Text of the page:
Common Core proponents are doing their best to boost public perceptions of new national standards and tests as the fall implementation deadline looms.

Last week, Vox reported, “Common Core tests are in classrooms—and they’re actually working.”

But then the article’s author, Libby Nelson, goes on to state:

There have been glitches and frustration, yet the feedback has also been positive.… Districts and states are arguably learning something more important: whether tests will work (emphasis added).

Early feedback from the states, however, suggests that there might be more frustration than esteem for the new tests.

New York and Kentucky are still the only two states to have fully implemented the standards and begun testing—others are only in the field-testing stage. Their results last year were emblematic of things to come.

Due to testing complications, Kentucky was forced to discontinue scoring for one of Common Core’s prized components: the constructed-response questions, which are meant to test students’ critical thinking abilities.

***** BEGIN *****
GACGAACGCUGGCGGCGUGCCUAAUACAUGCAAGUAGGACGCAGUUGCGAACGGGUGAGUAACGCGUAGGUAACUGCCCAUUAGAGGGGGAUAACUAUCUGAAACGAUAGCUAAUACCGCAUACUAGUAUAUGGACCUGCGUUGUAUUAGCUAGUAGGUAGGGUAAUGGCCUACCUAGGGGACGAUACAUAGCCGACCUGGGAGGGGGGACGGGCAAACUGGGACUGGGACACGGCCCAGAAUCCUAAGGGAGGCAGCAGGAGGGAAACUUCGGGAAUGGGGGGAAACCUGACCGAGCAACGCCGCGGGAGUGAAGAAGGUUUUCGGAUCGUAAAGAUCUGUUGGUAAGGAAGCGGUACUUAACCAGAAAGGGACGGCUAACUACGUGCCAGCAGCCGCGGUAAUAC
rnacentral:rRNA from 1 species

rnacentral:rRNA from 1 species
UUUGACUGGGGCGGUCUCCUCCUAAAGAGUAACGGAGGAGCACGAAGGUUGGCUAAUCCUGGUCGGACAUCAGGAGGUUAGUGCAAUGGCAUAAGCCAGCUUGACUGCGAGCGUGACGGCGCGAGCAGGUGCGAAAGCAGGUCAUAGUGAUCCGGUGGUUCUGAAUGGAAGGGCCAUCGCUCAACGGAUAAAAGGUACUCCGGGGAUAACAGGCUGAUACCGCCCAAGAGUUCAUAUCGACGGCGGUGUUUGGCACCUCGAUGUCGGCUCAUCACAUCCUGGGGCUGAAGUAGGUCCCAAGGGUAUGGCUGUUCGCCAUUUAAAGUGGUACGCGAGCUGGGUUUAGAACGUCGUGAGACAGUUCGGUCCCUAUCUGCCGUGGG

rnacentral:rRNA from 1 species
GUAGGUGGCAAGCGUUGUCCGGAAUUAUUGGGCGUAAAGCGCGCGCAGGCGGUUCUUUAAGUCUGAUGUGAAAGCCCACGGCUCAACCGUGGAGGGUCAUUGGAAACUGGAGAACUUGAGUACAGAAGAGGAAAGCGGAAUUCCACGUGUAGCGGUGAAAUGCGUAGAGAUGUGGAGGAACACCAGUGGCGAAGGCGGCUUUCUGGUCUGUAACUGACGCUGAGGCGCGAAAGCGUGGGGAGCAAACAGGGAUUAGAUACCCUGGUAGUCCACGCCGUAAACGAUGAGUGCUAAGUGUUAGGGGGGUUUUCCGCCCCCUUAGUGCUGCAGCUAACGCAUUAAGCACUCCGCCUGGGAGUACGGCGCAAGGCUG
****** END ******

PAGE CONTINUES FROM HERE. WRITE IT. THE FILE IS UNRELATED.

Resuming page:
Furthermore, Kentucky recently announced it is withdrawing from the Common Core–aligned Partnership for Assessment of Readiness for Colleges and Careers (PARCC) exam. In a letter to Mitchell D. Chester, the chairman of PARCC’s governing board, Kentucky Governor Steve Beshear (D), education commissioner Terry Holliday, and state board president Roger Marcum said that the state is withdrawing due to fiscal costs, among other things.

New York is also facing similar battles as parents question the national standards and tests and seek ways for their children to “opt out.”

Common Core and the effort to create national standards and tests is a push to centralize what children are being taught in school. The glitches, frustration, and failures of Common Core implementation are symptoms of the greater problem of national standards: They further distance educational decision-making authority from the hands of parents and local leadership who know the children’s needs far better than distant bureaucrats do.